Top tips for Windows Server 2003 migration

61 per cent of companies still run 2003 servers, says Zinstall
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61 per cent of companies still run 2003 servers, says Zinstall

With support for Windows Server 2003 now finished, migration solution provider Zinstall has unveiled some top tips for businesses.

“61 per cent of companies still run 2003 servers, which from now on are exposed to security breaches and compliance concerns,” said James Wilkins, senior server migration specialist at Zinstall.

“Why do so many businesses still postpone their migrations? The thing is, migration effort involved in the upgrade is quite substantial, and requires long hours of manual re-installations, re-configurations and recovery, IT operations which are expensive in time and in money. And if that is not a roadblock enough – business continuity interruption in manual migrations tends to be several days.”

Wilkins sat down to discuss this with Chris Lerner, Senior Support Engineer with one of New Jersey’s retail outlets. Chris has recently migrated 17 WS2003 servers in one week. The whole project was performed by a single tech (Chris himself), without allocating undue resources to the migration project. Here are his tips for the transition process:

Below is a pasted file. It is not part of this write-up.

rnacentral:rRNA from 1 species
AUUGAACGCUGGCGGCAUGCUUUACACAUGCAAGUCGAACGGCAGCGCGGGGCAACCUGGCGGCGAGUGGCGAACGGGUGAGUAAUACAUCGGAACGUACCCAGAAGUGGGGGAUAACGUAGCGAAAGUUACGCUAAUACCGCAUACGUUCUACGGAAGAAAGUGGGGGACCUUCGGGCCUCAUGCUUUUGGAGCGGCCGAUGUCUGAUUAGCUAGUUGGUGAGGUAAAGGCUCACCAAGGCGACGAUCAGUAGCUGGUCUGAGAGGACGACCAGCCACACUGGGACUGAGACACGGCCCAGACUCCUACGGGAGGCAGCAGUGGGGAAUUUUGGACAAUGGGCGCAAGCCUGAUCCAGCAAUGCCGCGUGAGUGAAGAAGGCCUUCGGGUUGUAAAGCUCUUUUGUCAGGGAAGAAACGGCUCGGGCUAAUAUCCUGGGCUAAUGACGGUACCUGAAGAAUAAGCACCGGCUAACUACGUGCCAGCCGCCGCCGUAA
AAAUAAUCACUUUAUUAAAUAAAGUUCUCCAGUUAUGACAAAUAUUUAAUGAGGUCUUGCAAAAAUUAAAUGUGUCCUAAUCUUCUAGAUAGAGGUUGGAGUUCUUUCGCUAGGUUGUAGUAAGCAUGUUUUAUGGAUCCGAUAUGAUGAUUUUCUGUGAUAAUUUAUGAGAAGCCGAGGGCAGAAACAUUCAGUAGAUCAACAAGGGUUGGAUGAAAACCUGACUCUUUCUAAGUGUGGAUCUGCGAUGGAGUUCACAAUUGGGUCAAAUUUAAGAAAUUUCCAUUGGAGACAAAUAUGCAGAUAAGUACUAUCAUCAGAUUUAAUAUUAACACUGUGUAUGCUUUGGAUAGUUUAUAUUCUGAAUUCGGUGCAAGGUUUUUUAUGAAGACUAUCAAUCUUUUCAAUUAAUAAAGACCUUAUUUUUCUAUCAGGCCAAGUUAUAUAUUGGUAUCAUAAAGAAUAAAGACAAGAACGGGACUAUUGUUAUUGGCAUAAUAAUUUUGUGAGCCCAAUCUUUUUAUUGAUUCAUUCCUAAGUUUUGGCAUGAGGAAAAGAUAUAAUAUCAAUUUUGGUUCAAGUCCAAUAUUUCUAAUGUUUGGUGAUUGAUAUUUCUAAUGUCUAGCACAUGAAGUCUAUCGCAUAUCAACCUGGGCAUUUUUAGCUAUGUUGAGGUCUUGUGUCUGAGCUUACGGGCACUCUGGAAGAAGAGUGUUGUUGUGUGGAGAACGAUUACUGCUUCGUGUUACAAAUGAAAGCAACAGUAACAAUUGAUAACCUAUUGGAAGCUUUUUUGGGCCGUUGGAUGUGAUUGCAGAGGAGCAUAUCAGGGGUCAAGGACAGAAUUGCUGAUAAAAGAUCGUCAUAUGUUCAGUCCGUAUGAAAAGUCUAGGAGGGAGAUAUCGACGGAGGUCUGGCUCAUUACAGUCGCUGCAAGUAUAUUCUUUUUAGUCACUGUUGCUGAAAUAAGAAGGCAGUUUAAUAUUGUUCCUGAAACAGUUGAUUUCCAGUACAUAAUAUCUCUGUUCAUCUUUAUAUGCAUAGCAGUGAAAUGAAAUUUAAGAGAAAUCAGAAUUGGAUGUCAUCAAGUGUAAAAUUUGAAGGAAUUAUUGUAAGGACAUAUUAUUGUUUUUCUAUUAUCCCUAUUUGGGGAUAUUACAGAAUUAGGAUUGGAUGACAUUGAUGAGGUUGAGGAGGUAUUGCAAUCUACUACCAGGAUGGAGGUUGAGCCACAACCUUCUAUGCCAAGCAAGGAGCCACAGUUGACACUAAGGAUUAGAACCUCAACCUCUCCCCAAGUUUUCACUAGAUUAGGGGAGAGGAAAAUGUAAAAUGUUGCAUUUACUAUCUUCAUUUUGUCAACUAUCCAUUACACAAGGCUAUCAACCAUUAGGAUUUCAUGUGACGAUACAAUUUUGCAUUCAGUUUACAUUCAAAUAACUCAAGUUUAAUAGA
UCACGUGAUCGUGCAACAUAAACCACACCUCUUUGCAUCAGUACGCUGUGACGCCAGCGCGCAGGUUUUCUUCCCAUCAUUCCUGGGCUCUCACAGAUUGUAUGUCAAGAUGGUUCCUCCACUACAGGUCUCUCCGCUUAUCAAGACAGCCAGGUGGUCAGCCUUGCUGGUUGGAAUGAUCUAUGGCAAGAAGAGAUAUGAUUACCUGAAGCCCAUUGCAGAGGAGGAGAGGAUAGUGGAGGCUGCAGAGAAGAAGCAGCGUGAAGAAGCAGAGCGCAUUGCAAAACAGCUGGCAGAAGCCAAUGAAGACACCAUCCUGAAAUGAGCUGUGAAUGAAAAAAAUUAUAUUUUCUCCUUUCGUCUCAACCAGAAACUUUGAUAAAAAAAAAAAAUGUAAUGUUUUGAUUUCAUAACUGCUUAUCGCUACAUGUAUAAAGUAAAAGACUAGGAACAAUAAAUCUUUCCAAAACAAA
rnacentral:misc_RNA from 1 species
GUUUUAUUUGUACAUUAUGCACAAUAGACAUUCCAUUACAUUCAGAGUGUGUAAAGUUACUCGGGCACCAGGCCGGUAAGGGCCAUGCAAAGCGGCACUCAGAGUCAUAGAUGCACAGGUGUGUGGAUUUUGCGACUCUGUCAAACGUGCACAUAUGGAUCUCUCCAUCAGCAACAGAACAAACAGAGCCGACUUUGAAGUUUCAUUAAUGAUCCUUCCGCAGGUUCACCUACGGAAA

1. Plan your migration
“Two things were most important in the planning process: understanding what we have, and planning our downtime.”

2. Try to get it done in one concentrated effort
“Using Zinstall WinServ, we have migrated to 2012 not just the 2003s, but also our 2008s – future-proofing the estate.”

3. Automate all you can
“One of our key decisions was to attempt to avoid manual migration as much as possible. We’ve decided to check if there are tools out there that can help, and have decided on WinServ, which was able to migrate server applications, settings, databases, and, of course, files.”

Read about these top migration tips in more detail on IT Channel Expert.

PCR recently interviewed Microsoft about Windows Server 2003 end of support to find out about the various migration options, business opportunities and safety and security implications. Check out the interview with Microsoft’s hybrid cloud business lead Patrik Bihammar below: